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Is Your Data Plan On Target?

We're halfway through 2013. Are you on target with your data plan? Do you have a plan?

Big Data, data-driven marketing, analytics and a host of other goals centered around using data to make smart business decisions were major drivers in the C-suite for 2013 planning.

Yet in reality, many marketers are still wandering around the starting line rather than finding their pace well into the first leg of this marathon. There’s no question that getting started is the hardest part, so how do you begin to define and act on your data objectives? Here are some questions that will help you put your plan in place.

1. Who are your stakeholders?

Marketing may be driving, but you will need many others to hop on this bus.

The IT team will be integral in implementing the right technology stack (customer data/analytics, clickstream analytics, business/sales data, media data/analytics, and other performance indicators), but where lots of people fall down is in joining together all these sources, enabling a holistic and integrated view of all this data.

Too often the data gets siloed -- CRM data to the "customer people," Web data to the "Web people", etc. It is surmounting the technical and political challenges involved in bringing all this together that will reap the biggest rewards.

For the CMO, all this data will drive marketing initiatives, so be sure to involve those who manage the media spend. Identify how they currently use data, the gaps in where they could be using data (or figuring out how to learn what those gaps are -- there's a "don't know what you don't know" element here in a rapidly moving environment), and the plan to close those gaps. This process takes time, so get off the starting blocks and start running -- even if you have to walk at first.

You will also need the budgeting and planning folks, sales teams, product teams and many others on board, depending on your organization and its overarching business goals.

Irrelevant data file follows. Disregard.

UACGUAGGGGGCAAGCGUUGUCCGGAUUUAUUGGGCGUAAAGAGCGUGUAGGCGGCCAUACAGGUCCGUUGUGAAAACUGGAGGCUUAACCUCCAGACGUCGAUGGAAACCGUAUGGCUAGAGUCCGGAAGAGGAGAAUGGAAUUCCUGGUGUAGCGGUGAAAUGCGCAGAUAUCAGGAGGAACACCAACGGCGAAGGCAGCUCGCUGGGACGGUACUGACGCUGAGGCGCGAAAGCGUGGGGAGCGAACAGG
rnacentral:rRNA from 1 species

2. When does what data need to be surfaced, and to who?

The first step is to answer the question: Who is responsible for which decisions, and what data do they need to help make those decisions? Bring the leaders into the discussions that will drive the business cases that define how you will understand behavior across your entire digital footprint.

For instance, what team is in charge of media mix? They will need to understand how past campaigns have performed across channels, how the current mix is deployed and performing, and as more sophistication comes along, you will be able to leverage advanced attribution and predictive modeling to continually define more effective future spends.

On the customer side, acquisition and retention program managers will need access to segmentation and value tier data as well as lifetime value and behavioral attributes.  This helps define which customers and segments to focus on with what kind of value propositions and messaging to most efficiently accomplish objectives.

Sales teams will want access to geographic segments, new sales and repeat sale segments, and other custom prospecting reports. 

The next step is to define when this data will be used. Do stakeholders need this monthly? Quarterly? How do decision cycles work within the organization? When does the data become stale?

Simply documenting these key planning steps will get your team out of the starting blocks.

3. How should the data be presented?

Proper visualizations can make the difference between action and inaction. Should dashboards be used to surface the highest levels of data with drill-downs for those who need to dig further? Should heat maps be used rather than tables of numbers?  Comparison views versus raw data?  

It's also important to define when just the data is needed versus an interim stage of analysis that surfaces recommendations with supporting data accessible to those who need/want it.

4. Where to go from here?

Get some dates on the calendar. When will you identify the stakeholders and get them in a room to document what systems and tools are currently in place? When will you have defined the report formats for the sales team?

Getting started doesn't have to be overwhelming. If you pick even just one aspect to focus on from each of these four fundamental questions, you'll be well on your way to creating a plan to get you through the end of 2013 and beyond.   

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